I mentioned yesterday that one of the most commented parts of the story of the prodigal son in Luke was the father dealing with the brother who admonishes him
He said to his father in reply, ‘Look, all these years I served you and not once did I disobey your orders; yet you never gave me even a young goat to feast on with my friends. But when your son returns who swallowed up your property with prostitutes, for him you slaughter the fattened calf.’Luke 15:29-30
There is a trap in these words, and that trap is that the brother is factually correct. His brother DID do all these things and yet his father is celebrating him.
It’s the same trap that happens when the woman caught in adultery is brought to Jesus
They said to him, “Teacher, this woman was caught in the very act of committing adultery. Now in the law, Moses commanded us to stone such women. So what do you say?”John 8:4-5
In both cases what is said is absolutely true. The son DID squander his father’s wealth, the woman DID commit adultery, and the law of Moses DID call for her to be stoned.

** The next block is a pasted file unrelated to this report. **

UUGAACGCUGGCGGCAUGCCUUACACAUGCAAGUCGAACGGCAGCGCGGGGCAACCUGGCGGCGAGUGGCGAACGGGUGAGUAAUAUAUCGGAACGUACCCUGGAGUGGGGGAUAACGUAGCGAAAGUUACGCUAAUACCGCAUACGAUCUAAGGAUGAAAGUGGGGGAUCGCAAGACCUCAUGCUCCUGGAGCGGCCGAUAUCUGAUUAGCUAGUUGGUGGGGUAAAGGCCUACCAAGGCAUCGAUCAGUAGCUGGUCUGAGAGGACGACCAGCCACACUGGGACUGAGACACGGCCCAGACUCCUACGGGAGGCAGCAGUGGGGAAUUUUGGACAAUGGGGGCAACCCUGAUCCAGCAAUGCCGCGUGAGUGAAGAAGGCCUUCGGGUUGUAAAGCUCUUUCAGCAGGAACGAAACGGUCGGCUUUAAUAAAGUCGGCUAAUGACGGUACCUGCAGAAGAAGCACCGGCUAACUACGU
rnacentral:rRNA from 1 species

How many times do we do the same thing? How often do we see someone at church and remember the sins of others we see there, or gossip about the failings of others or are offended at the sight of someone getting being treated in a way their actions (known or perceived) don’t deserve?
When we do this we forget one of the most basic of Jesus’ teaching from the Sermon on the Mount:
Blessed are the merciful, for they will be shown mercy.
And when we forget these words we fall into a trap one that Jesus explicitly warned us about
But if you do not forgive others, neither will your Father forgive your transgressions.
So this lent when you’re tempted to condemn someone, even if they deserve it, never forget this adage.
You will find Heaven no less glorious nor Hell no more bearable if you find yourself there with someone that you never in a million years expected to see with you.